The nuts and bolts of philanthropy funding applications 

The foundation funding landscape is very heterogeneous. Some foundations ask for long proposals similar to government grants; others are more casual and focus on ideas and broad vision, potentially relying on letters of recommendation to speak to your expertise. Regardless, our panelists agreed that applying for foundation funding takes planning and provided some key advice to the participants.

  • Every foundation has its own goals, deadlines, timelines, and requirements. For some, you must be in a particular year of your PhD or faculty career; for others, you may need to be nominated by your institution.
  • Finding that support, for most, involved a lot of Googling, perusing department newsletters that share funding opportunities, and looking to colleagues in similar fields to see what awards they had received.
  • Develop a strategy, timeline, and long-term vision of what you will apply for and when. Use a spreadsheet to plan out the grant applications for at least the next year (but ideally two years). Grant applications do make up a large part of a faculty position’s early years.
  • Get examples of successful applications from friends and colleagues to read how they pitch their science.
  • Have discussions with senior colleagues who have served on review boards.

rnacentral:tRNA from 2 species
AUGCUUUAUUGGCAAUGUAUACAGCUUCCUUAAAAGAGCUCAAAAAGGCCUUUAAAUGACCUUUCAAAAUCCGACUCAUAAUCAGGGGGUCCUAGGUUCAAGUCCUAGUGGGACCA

• Review by your university Office of Research or Office of Development can be valuable. Sometimes, university resources understand what different philanthropic funders are looking for.
  • Ask for review and advice from people who aren’t directly in your field to ensure you can articulate the importance of your work; foundation grant review panels may have a broader spectrum of people on the advisory committee than federal grants.
  • Your proposal is likely to be reviewed by both generalists and experts. The generalists should understand the work, and the experts should know you have the depth of technical knowledge to execute the proposed work. Write 25% of the proposal for the experts. 

The value of persistence

Both panelists and workshop host France Córdova spoke about the importance of tenacity and self-belief. Panelists shared that there have been awards they wouldn’t have applied for if it hadn’t been for a push from their Department chair or a senior colleague and that there is a misconception that these awards are always highly competitive when, in reality, they might vary from year to year. It might also require sharing a project idea with many possible funders, “throwing your hat in the ring,” and trying (and trying again) for funds that could be transformative to your career. Redo and resubmit; persistence can pay off.

For more information, please get in touch with The Alliance has begun curating a page of aggregate calls to make finding opportunities easier.